Here are some key areas to consider when comparing promotions within channels:
· Conversion rates tell you how ads are converted against a particular audience or ad group. This helps you spot any low conversion rates that are problematic in your ad/promotion or targeting.
· Landing page conversion rates form when you use identical but separate landing pages for the same promotions across channels.
· Cost per conversion lets you calculate new customer acquisition costs from all lead gen efforts.
· Lead Quality relies on your internal system for interacting with leads. You can even filter out junk, so that you can get a true acquisition cost, while gaining active leads.
3. Know What’s Best for Your Budget
“As much as we want to have an unlimited budget to test various strategies for our campaigns, it’s not possible,” says Harvey Potts, a tech writer at Uk Writings and Bestbritishessays. “So, with a limited budget, you’ll need to prioritize what you try out in promotions.”
Test your campaigns with either paid social and paid search. However, to determine which marketing option will best suit your campaign, consider the general strategy behind each platform.
· Paid Social is a push marketing option that has you “push” promotions to people on social media (Facebook, Twitter, Instagram, etc.) because some targeted audiences might not know who you are and what your business is.
On a limited budget, remarket to users who have already visited your website. As you use remarketing, that will eventually introduce you to newer customers.
· Paid Search is a pull marketing option. When users search for something on Google or Bing based on specific keywords related to a product or service, you’re essential “pulling” leads in by capitalizing on their intent. In fact, some keywords and search queries garner more popularity than others, depending on your industry.
· There’s also direct mail, a highly effective campaign strategy that lets you get your ad out directly to local people who are interested in your product or service. Since direct mail has much better response rates than digital channels, it’s used to get in touch with potential leads that ignore online communications. It also feels more personalized and can boost any stage of the conversion funnel, not just lead generation.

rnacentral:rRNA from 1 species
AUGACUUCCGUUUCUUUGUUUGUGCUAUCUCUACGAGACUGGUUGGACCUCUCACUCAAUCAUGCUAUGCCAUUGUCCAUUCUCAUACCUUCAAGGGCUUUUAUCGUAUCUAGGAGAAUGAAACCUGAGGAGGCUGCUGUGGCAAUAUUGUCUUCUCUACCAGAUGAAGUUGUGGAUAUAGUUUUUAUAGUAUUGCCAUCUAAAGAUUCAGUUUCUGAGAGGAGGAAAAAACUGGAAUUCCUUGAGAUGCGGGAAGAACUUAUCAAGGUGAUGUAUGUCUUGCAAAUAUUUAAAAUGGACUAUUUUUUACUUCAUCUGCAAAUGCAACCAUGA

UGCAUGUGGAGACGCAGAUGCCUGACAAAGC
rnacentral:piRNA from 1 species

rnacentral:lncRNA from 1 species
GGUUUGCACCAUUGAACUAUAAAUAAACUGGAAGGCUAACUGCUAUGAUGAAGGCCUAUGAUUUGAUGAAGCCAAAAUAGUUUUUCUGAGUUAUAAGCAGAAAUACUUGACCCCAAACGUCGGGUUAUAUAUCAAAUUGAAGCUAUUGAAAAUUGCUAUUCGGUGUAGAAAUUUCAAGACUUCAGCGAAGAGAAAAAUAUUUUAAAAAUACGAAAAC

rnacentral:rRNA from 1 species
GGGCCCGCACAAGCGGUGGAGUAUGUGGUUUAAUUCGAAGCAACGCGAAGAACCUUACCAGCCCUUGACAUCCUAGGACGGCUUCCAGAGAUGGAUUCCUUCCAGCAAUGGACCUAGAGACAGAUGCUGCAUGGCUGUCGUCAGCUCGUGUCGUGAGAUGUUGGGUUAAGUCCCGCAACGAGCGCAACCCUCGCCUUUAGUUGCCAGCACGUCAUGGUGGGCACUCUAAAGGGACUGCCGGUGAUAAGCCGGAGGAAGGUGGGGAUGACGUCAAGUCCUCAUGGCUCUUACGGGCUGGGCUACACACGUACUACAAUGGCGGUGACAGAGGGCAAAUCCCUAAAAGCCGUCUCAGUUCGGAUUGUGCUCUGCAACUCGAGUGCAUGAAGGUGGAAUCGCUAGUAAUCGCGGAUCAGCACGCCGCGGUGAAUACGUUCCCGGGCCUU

On a limited budget, narrow your campaigns down to the most relevant and important keywords related to your product/service.
4. Be Able to Measure the Conversion-To-Sale Cycle
The conversion-to-sale cycle can be the most difficult metric to measure (especially if you’re a smaller business). Therefore, it’s important to track your leads from conversion, during the funnel stage, and all the way to sales – you can do so by having an internal infrastructure that will track leads for you. As you use this data to your advantage, you’ll know which channel – whether Paid Social, remarketing, Paid Search, or direct mail – has the best conversion-to-sale, and how long it takes each channel to turn a lead into a customer.
Although this process will be different for every business, it’s still important to have a sales cycle that helps you make the most sense of scale.
When building an effective cross-channel strategy, make sure that the foundation of your marketing operations is efficient. And, with these tips and tricks, your company will be able to not only use multiple channels to reach prospects and increase conversions, but also give visitors a consistent experience on any channel of their choosing.
To learn more about the use of automated direct mail, follow our blog or contact us for a talk.Beatrix Potter writes and edits for Big Assignments and Write My Paper. She is also a manager at Top assignment writing services in New South Wales. As a writer, she specializes in topics on hiking and traveling.